Comments on “Transparency Isn't A Substitute For Privacy”

Subscribe: RSS Leave a comment
David Brin (user link) says:

David Brin replies

Alas… do try having a clue what you are talking about, before quoting people.

You clearly never read The Transparent Society, nor have a twinkling what it means. In fact, the book contains a long chapter about how important privacy is to human beings and necessary! Though freedom must come first.

My point is that freedom, and thus privacy, cannot be defended by people who are disempowered… or who have handed all protection duties over to some secretive elite. The enlightenment is an experiment in empowering citizens to make their own minds about market and political matters and to thus argue them openly.

But in order for this to happen, most of the people need to know most of what’s going on, most of the time. Um… exactly as we are supposed to now.

An accident that the most knowing people were the same people who invented modern privacy?

.That still leaves room for some privacy… yes, it will be more narrowly defined in a transparent society. But in an open society, we will better be able to defend what’s left.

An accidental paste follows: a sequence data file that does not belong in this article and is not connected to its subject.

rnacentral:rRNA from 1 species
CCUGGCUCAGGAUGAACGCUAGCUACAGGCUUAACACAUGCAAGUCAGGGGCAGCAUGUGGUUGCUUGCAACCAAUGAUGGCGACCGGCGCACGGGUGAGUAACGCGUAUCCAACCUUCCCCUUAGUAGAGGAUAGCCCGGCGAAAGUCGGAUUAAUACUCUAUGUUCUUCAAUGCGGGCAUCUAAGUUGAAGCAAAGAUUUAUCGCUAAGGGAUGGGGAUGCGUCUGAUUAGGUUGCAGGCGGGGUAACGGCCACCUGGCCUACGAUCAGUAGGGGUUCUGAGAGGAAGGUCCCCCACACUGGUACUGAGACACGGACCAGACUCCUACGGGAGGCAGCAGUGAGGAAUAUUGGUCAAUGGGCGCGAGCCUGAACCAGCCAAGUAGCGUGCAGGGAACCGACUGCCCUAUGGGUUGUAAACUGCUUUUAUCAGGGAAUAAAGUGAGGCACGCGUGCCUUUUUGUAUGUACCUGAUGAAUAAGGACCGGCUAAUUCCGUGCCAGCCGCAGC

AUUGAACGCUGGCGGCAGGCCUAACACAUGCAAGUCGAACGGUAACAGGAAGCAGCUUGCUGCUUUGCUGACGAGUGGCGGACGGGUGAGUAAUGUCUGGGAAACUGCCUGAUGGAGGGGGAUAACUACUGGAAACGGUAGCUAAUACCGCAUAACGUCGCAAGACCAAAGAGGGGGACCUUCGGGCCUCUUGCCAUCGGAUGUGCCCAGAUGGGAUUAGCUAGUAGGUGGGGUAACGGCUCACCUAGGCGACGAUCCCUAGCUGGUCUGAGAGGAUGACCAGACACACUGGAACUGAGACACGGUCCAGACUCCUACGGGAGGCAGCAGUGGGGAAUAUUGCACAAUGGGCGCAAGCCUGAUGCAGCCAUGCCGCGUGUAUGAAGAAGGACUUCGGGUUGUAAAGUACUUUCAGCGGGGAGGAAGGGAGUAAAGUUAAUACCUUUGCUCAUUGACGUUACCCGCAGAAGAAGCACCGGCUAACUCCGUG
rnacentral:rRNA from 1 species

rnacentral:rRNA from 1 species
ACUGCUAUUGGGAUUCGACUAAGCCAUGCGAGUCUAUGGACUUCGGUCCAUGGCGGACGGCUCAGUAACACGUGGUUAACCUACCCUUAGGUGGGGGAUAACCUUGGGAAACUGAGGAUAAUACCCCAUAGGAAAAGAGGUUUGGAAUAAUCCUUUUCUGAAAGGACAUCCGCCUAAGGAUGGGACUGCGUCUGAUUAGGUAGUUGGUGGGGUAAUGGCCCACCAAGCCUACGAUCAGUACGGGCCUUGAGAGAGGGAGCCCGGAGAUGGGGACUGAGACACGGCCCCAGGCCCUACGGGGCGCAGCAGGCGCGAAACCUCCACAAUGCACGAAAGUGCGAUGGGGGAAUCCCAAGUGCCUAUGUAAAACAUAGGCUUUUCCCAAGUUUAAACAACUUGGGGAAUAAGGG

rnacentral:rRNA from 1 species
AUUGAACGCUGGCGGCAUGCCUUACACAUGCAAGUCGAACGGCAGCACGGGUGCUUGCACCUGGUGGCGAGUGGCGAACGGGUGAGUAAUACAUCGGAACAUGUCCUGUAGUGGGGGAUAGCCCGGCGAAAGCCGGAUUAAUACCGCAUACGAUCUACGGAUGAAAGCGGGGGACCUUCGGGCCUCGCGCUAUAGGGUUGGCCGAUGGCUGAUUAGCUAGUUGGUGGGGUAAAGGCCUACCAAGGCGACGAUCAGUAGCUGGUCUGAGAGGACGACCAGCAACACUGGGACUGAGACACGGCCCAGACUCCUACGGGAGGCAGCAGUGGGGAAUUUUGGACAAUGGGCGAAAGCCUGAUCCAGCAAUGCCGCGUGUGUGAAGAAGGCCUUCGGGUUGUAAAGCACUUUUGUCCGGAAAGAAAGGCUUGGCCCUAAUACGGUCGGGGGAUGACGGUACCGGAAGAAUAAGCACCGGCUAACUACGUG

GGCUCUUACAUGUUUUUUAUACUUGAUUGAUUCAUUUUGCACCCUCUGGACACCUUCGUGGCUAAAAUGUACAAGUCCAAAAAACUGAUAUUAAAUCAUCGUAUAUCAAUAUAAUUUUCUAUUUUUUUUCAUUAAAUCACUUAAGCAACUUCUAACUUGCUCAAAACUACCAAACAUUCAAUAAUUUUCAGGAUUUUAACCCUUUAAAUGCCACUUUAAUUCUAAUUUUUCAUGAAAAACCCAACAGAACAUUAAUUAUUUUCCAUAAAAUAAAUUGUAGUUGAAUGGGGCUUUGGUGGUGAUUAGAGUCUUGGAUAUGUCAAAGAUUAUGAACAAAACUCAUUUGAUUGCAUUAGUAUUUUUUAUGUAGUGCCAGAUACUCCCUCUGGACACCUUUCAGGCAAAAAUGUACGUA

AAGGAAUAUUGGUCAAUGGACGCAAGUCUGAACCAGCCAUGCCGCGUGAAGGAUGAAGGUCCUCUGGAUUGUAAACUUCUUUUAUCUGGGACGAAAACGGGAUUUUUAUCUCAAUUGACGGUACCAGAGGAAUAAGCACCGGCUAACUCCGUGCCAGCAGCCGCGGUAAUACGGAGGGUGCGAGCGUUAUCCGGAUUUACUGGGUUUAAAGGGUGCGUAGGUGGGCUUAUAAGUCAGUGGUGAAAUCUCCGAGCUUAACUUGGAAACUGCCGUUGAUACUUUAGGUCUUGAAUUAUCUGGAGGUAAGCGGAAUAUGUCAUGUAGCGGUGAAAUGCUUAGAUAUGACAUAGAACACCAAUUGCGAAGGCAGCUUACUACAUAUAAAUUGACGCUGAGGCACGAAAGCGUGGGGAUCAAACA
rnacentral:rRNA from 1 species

But I am wasting my time. Subtlety is not in your purview. Go on with comfy oversimplifications and strawmen. They suit.

With cordial regards,

David Brin

Tim Lee (user link) says:

Re: David Brin replies

Thanks for your comment. It’s true, I haven’t read your book. I relied on descriptions of your thesis by Schneier,, and others. For example, Amazon characterizes your position as: “people will have nothing to fear from the watchers because everyone will be watching each other.” If that’s not an accurate summary of your position, then I apologize for the misrepresentation. But I seem not to be the only one who’s confused.

Hellsvilla (user link) says:

Who let the troll in?

I tried to take you seriously, David, I truly did.

An accident that the most knowing people were the same people who invented modern privacy?

But after I read that line, I realized it was impossible to take you seriously in this matter. Perhaps you are good at selling books, but that does not mean you actually understand what you write about.

brian says: